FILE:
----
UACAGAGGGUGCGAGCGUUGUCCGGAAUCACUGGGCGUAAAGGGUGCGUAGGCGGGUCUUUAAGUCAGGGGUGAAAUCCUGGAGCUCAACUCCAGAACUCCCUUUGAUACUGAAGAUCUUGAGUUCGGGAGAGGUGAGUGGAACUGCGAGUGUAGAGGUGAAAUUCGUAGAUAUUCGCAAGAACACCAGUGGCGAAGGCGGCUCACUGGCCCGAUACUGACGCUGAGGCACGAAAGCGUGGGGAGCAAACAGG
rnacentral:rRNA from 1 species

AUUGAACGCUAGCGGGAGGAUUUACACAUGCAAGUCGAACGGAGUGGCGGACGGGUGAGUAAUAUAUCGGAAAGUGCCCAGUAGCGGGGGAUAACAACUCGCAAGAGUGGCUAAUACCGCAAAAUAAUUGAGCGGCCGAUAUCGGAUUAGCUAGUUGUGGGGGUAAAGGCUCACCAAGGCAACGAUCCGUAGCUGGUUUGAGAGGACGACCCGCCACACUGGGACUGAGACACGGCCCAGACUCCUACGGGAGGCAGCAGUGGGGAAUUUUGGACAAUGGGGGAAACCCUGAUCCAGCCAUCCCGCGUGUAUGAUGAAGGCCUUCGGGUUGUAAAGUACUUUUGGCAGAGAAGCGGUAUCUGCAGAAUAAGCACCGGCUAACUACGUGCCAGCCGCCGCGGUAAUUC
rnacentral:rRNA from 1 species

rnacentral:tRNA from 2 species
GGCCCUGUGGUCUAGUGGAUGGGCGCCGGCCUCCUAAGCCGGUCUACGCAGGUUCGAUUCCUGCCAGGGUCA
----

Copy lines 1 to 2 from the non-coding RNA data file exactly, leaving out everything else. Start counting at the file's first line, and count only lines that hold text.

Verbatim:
UACAGAGGGUGCGAGCGUUGUCCGGAAUCACUGGGCGUAAAGGGUGCGUAGGCGGGUCUUUAAGUCAGGGGUGAAAUCCUGGAGCUCAACUCCAGAACUCCCUUUGAUACUGAAGAUCUUGAGUUCGGGAGAGGUGAGUGGAACUGCGAGUGUAGAGGUGAAAUUCGUAGAUAUUCGCAAGAACACCAGUGGCGAAGGCGGCUCACUGGCCCGAUACUGACGCUGAGGCACGAAAGCGUGGGGAGCAAACAGG
rnacentral:rRNA from 1 species